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Scientific Articles   |    
Muscle Moment Arms in the First Dorsal Extensor Compartment After Radial MalunionA Cadaver Study
Elly S. LaRoque, MD1; Wendy M. Murray, PhD2; Sarah Langley, MD3; Sanaz Hariri, MD4; Benjamin Parker Levine, MD5; Amy L. Ladd, MD6
1 Post Street Orthopaedics and Sports Medicine, 2299 Post Street, Suite #103, San Francisco, CA 94115
2 Departments of Biomedical Engineering and PM&R, Northwestern University, VA Hines, 345 East Superior Street, Suite 1408, Chicago, IL 60611
3 Stanford University School of Medicine, 300 Pasteur Drive, Stanford, CA 94305
4 Harvard Combined Orthopaedic Residency Program, 55 Fruit Street, WHT 535, Boston, MA 02114
5 150 Presidential Way, Woburn, MA 01801
6 Robert A. Chase Hand and Upper Limb Center, Department of Orthopaedic Surgery, Stanford University, 770 Welch Road, Suite 400, Palo Alto, CA 94304. E-mail address: alad@stanford.edu
View Disclosures and Other Information
Disclosure: In support of their research for or preparation of this work, one or more of the authors received, in any one year, outside funding or grants of less than $10,000 from the Iris F. Litt, M.D. Fund from the Institute for Research on Women and Gender, Stanford University. Neither they nor a member of their immediate families received payments or other benefits or a commitment or agreement to provide such benefits from a commercial entity. No commercial entity paid or directed, or agreed to pay or direct, any benefits to any research fund, foundation, division, center, clinical practice, or other charitable or nonprofit organization with which the authors, or a member of their immediate families, are affiliated or associated.
Investigation performed at Stanford University School of Medicine, Stanford, California, and the Palo Alto Veterans Affairs Health Care System, Palo Alto, California

The Journal of Bone and Joint Surgery, Inc.
J Bone Joint Surg Am, 2008 Sep 01;90(9):1979-1987. doi: 10.2106/JBJS.G.01015
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Abstract

Background: Functional loss is a common complication of the fractured distal part of the radius. The purpose of the present study was to determine if the moment arms of the first dorsal extensor compartment are altered by distal radial fracture malunion. We hypothesized that the moment arms of the abductor pollicis longus and extensor pollicis brevis are significantly affected by dorsal angulation, radial inclination, and radial shortening, the most common deformities accompanying distal radial malunion.

Methods: Moment arms of the extensor pollicis brevis and abductor pollicis longus were estimated in twelve cadaver wrists with use of the tendon-displacement method, which involves calculating the moment arm as the derivative of tendon displacement with respect to joint angle. Tendon displacement was quantified in different wrist postures before and after a closing-wedge osteotomy simulating a complex malunion of an extra-articular radial fracture.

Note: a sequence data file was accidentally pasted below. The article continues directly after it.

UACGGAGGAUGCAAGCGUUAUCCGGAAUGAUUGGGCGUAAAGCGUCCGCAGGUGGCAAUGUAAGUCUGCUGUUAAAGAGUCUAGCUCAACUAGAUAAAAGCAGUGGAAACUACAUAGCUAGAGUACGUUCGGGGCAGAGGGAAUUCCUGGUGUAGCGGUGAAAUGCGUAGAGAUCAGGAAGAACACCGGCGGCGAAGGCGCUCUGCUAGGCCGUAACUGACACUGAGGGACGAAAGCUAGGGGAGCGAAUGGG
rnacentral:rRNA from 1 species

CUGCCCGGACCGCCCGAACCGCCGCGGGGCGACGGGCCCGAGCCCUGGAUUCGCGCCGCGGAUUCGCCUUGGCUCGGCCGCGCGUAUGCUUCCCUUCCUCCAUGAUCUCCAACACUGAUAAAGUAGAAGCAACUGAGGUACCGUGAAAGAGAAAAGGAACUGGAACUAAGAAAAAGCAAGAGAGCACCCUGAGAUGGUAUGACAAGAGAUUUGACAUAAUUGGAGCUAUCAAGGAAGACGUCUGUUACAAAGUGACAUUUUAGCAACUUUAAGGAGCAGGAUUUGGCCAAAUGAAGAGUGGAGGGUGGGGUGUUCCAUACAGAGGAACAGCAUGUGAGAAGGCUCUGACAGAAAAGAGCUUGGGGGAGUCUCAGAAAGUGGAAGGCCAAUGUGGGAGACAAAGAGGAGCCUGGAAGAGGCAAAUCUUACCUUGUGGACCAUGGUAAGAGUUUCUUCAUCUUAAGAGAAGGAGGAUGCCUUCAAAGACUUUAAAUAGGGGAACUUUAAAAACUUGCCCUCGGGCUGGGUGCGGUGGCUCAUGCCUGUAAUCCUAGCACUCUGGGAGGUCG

Results: The simulated distal radial malunion resulted in a decrease in the wrist flexion moment arm for both the extensor pollicis brevis (p = 0.0003) and the abductor pollicis longus (p < 0.0001). The wrist flexion moment arms for the extensor pollicis brevis and abductor pollicis longus decreased by a mean (and standard deviation) of 114% ± 75% and 77% ± 50%, respectively, after the osteotomy. The wrist radial deviation moment arms for the extensor pollicis brevis and abductor pollicis longus increased by 16% ± 26% (p = 0.071) and 28% ± 44% (p = 0.043), respectively, after the osteotomy. Radiographs of the wrist that were made before and after the osteotomy indicated that radial tilt changed from 11.1° of volar angulation to 14.8° of dorsal angulation, radial inclination decreased from 21.8° to 7.7°, and radial height decreased from 11.6 to 4.4 mm.

Conclusions: Distal radial malunion alters the mechanical advantage of the muscles in the first dorsal extensor compartment.

Clinical Relevance: The present study reinforces current treatment methods that restore architecture to improve function following a distal radial fracture. In particular, for levels of deformity similar to those tested here, the results of the present study support corrective osteotomy to improve the biomechanics of the thumb tendons of the first dorsal compartment.

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    Accreditation Statement
    These activities have been planned and implemented in accordance with the Essential Areas and policies of the Accreditation Council for Continuing Medical Education (ACCME) through the joint sponsorship of the American Academy of Orthopaedic Surgeons and The Journal of Bone and Joint Surgery, Inc. The American Academy of Orthopaedic Surgeons is accredited by the ACCME to provide continuing medical education for physicians.
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